Reader questions may have been edited for spelling or grammar, for reasons of anonymity, truncated, or edited in other ways although the main content remains unchanged.

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Thursday, February 2, 2012

ACRP 2012 Global Conference in Houston, TX

I received a mailer the other day with program details for the ACRP 2012 Global Conference.  I am on the ACRP mailing list but I have never attended the conference before.  This year it is being held in TX April 14-17.  There are a handful of sessions I would be interested in and I think the networking and vendor showcase could be worthwhile.  The conference has content for monitors and program managers but also content geared towards study coordinators and site directors.

Here is a link for more information on the conference if any of you are interested in attending:

Who is heading to Texas for ACRP Global
Conference in April?  Blackberry and Brisket...
who could ask for anything more!
If you have been to the conference before I'd love to hear if it was fun and useful.  You can leave a comment here or shoot me an email at

Saturday, January 14, 2012

Lead CRA Q&A: Consenting Subjects Before IMP is On-site

Anonymous commented in... "Pre-Study Visits and Site Initiation Visits":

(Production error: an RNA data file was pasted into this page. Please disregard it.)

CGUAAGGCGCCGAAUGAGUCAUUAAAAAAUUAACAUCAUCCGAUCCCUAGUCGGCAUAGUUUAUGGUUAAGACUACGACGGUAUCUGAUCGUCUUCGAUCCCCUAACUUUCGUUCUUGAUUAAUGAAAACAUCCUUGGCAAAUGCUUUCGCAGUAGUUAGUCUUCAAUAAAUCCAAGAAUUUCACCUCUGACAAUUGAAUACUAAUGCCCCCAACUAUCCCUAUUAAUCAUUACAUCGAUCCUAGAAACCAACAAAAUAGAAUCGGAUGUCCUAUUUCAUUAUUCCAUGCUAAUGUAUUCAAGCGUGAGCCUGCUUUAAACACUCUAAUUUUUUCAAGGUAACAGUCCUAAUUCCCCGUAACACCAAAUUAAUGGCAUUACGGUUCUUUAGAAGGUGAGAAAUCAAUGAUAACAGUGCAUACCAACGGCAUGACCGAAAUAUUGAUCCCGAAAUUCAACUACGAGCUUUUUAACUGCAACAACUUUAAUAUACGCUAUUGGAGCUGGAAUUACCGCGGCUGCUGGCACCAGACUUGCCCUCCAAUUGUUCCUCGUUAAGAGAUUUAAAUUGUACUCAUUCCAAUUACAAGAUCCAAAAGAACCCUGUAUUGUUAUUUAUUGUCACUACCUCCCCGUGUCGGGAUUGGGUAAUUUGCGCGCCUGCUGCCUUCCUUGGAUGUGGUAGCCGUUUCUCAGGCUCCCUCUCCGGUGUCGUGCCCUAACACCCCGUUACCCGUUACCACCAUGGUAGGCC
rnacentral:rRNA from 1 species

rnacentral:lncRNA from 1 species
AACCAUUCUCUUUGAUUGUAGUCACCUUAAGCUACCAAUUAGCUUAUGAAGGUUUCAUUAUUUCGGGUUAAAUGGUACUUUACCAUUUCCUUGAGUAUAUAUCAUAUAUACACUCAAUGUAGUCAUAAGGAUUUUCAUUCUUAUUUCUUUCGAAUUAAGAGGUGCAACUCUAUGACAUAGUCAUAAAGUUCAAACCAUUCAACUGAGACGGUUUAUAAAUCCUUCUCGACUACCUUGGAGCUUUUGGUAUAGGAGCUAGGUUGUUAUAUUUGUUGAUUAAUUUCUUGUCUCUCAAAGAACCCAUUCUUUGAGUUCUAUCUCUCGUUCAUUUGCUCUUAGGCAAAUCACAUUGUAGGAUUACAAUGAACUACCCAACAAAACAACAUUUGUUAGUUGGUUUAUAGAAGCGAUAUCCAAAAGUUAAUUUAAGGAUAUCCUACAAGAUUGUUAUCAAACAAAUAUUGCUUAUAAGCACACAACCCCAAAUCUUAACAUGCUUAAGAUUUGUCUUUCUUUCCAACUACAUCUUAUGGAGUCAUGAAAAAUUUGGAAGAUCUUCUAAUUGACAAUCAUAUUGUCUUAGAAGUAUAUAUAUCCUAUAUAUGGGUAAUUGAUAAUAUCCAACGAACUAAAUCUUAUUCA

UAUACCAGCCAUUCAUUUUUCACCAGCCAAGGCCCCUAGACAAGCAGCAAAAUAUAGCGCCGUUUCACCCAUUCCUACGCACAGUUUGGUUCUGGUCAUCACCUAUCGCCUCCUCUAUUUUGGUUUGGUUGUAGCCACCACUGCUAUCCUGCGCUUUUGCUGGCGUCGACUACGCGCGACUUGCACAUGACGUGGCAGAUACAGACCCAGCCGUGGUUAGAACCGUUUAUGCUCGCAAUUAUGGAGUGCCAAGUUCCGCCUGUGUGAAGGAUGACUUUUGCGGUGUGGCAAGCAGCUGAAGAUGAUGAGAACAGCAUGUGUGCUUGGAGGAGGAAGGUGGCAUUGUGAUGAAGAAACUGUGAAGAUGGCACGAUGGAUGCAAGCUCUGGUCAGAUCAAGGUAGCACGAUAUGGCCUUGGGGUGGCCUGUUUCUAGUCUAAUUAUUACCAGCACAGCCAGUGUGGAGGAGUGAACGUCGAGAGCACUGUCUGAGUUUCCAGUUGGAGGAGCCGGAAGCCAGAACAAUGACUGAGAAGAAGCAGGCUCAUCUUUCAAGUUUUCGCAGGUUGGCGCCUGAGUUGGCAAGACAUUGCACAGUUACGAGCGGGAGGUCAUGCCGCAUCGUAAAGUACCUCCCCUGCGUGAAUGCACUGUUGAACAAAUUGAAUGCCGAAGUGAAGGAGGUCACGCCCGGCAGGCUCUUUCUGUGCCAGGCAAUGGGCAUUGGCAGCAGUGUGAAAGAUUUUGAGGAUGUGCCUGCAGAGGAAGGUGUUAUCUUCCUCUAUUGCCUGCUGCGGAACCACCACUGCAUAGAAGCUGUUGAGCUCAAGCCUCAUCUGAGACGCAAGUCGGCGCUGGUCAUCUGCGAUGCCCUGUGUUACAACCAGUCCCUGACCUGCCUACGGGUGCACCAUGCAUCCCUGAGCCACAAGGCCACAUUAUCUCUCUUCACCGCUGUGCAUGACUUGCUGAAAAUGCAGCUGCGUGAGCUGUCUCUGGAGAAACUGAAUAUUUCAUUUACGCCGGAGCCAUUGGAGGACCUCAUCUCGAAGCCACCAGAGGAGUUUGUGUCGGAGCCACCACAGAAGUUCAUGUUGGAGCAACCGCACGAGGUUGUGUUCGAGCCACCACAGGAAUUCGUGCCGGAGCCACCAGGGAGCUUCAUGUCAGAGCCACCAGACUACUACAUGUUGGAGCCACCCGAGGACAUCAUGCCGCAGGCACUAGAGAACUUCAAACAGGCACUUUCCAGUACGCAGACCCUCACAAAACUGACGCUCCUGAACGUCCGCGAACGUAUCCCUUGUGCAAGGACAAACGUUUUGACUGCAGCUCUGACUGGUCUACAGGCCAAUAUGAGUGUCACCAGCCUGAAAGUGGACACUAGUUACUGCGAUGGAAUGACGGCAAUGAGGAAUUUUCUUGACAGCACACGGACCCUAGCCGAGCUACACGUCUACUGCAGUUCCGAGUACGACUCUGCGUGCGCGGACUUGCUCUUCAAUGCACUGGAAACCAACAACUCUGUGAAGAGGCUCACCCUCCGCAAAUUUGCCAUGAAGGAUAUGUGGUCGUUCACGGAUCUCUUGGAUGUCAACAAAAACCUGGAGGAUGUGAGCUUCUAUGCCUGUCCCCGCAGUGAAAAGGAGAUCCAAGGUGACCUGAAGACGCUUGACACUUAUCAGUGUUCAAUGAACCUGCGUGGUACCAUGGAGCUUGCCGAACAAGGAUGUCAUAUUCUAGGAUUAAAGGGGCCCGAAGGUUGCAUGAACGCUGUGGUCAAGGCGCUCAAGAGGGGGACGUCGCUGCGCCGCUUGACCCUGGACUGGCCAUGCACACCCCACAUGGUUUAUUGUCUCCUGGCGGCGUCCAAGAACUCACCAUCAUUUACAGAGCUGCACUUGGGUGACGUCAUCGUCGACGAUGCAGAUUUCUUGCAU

Post SIV, can a site share the Informed Consent Form (ICF) with pre-identified subjects prior to Investigational Medicinal Product (IMP) receipt at the site? -November 26, 2010

NadiaBoBadia responds...

Hi and thanks for your question. In one of my previous trials, all of our sites consented and screened subjects prior to receipt of Investigational Product. First shipment was only triggered after a second qualifying screening visit (4 week screening window with up to 40% screen failure rate).
Investigational Medicinal Product can only
be released to a site once all of the required
regulatory paperwork is in place.

In order to consent, our SOP required that the site be authorized for drug shipment, rather than requiring that drug was actually physically on site. In order to authorize drug shipment the site must have 1) completed the SIV 2) received IRB approval for protocol, ICF, Investigator's Brochure (IB), and all PRO instruments 3) Submitted complete regulatory document package to sponsor (1572, signed/dated w/i 1 year CVs for all personnel on 1572, Financial disclosures, Protocol signature page, IB signature page, etc. (some of this package goes to the FDA before the trial is initiated at the site) 4) fully executed contract and budget 5) written activation letter from sponsor. At that point the sites were allowed to begin distributing ICFs for review and signature.

Reader questions may have been edited for spelling or grammar, for reasons of anonymity, truncated, or edited in other ways although the main content remains unchanged.